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Stuart Hall’s ‘Encoding and Decoding’ Essay

Stuart Hall stated in his key paper, Encoding/Decoding, that the codes of encoding and decoding are not identical or symmetrical, but relatively autonomous. This means that a message sent by the encoder may not have the same content or appearance when processed or decoded by the reader because the two parties may not use the same language, and therefore they used different codes. Hall’s work focuses on the possibility that readers (decoders) are mislead by their thoughts or will have misunderstood a written work because reading is an individualistic activity.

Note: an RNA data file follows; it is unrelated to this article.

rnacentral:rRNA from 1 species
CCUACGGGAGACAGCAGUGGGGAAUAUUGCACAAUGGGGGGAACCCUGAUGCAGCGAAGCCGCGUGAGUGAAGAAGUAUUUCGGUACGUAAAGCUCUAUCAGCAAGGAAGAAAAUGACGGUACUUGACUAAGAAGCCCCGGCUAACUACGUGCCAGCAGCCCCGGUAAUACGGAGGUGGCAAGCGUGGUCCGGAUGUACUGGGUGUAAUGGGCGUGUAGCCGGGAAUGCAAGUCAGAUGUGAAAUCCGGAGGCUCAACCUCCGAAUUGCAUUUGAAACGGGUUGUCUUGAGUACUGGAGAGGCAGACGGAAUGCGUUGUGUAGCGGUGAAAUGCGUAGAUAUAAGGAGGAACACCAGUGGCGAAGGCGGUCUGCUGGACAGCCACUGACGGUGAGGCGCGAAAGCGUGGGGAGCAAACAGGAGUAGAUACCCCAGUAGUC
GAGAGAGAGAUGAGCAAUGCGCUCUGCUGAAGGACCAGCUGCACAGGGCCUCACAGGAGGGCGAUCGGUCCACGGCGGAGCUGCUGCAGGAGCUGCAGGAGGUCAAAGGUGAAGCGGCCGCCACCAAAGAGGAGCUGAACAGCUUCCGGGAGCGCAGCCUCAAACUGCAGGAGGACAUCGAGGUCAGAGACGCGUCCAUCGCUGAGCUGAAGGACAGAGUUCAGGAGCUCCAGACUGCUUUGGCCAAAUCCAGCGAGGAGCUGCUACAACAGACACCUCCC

This means that whatever the idea that the author wants to convey or the path he want the reader to take will not always be understood or followed by the readers. He stated “there is no necessary correspondence between encoding and decoding, the former can attempt to ‘prefer’ but cannot prescribe or guarantee the latter, which has its own condition of existence (Hall, 135).”

Codes for encoding and decoding may be different and this difference results to misunderstanding of the idea the author originally had but the symmetry can be increased when the relationship between the author-encoder and reader-decoder is strengthened. Still, no matter how tight the relationship between them may be, they will still work independent of each other. Thus, there is still a degree of ‘understanding’ and ‘misunderstanding’ of both parties, especially on the reader or the decoder’s side.

Work Cited:

Hall, Stuart. “Encoding/Decoding.” Culture, Media, Language. Eds. Hall, et al.  London: Hutchinson & Co., 1980. 128-138.

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